New biodegradable materials for artificial muscles and soft actuators are required for biomedical and soft robotic applications. Here we present an investigation into the biodegradability and electroactive actuation characteristic of a series of off-the-shelf biodegradable materials. Eight materials were examined: cellulose, collagen, two forms of natural rubber latex, biodegradable chewing gum, paper, starch based bio-plastic and polycaprolactone. Samples of each material were buried in an outdoor compost heap at more than 30cm depth for up to ten months. The temperature in the compost ranged from 1.5 - 20 degrees Celsius and degradation loss was assessed visually every two weeks. Laboratory evaluation of the materials as electroactive soft actuators as well as ion exchange membranes within microbial fuel cells highlighted the natural rubber latex glove (NRL-G), prophylactic (NRL-P), and collagen derivatives as the three materials with the greatest potential for biodegradable biomedical and soft robotic applications. For these three materials, greater than 90 % natural biodegradation occurred in the compost heap after 285, 241, 18 days respectively. The electoactive actuation response of these materials to an electrical stimulus was also measured. Voltages up to 2kV were applied to NRL materials (acting as high voltage dielectric elastomer actuators) and voltages up to 10V were applied to the collagen derivatives such as gelatine (acting as low voltage ionic actuators). This study, providing an assessment of the electroactive actuation and biodegradation characteristics of natural polymers, provides a unique perspective on these important multi-functional materials.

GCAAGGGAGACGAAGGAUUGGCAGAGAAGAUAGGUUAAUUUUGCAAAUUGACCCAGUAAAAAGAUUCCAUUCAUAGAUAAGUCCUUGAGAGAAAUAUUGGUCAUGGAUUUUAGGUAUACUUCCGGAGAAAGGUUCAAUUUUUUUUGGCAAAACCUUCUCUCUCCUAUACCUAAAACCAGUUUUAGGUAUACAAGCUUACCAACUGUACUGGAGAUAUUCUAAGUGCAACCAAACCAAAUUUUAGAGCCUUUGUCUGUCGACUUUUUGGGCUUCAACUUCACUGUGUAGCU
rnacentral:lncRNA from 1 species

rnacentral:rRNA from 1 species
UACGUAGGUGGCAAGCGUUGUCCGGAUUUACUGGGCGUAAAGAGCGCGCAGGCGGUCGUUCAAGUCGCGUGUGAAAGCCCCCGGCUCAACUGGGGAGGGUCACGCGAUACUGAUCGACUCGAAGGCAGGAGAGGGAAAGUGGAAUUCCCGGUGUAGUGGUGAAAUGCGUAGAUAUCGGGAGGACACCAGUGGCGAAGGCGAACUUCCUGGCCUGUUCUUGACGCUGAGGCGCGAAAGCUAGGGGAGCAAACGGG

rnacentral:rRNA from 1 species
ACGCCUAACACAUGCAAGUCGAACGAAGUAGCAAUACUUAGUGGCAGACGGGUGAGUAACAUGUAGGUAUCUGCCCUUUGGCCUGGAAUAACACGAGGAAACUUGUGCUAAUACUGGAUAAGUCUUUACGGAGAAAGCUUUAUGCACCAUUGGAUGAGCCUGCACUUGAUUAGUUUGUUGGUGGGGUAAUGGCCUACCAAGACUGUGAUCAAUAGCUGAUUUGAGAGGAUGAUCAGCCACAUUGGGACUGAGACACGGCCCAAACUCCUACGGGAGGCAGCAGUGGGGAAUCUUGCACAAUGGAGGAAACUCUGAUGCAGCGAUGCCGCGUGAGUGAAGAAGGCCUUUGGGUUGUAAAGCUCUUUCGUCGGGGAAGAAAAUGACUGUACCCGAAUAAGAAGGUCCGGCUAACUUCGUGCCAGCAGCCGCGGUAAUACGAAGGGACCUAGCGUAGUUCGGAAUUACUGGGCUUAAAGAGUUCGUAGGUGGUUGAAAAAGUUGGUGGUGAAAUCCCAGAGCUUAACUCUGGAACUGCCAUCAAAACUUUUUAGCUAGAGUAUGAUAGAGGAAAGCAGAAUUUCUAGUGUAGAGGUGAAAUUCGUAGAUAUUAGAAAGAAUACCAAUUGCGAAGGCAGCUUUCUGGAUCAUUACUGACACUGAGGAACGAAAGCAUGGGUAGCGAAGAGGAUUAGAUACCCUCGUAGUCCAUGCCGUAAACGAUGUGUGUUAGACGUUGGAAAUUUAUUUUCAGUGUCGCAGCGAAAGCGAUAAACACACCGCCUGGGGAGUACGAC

|Publication status||Published - 15 Jun 2014|
- Tactile Action Perception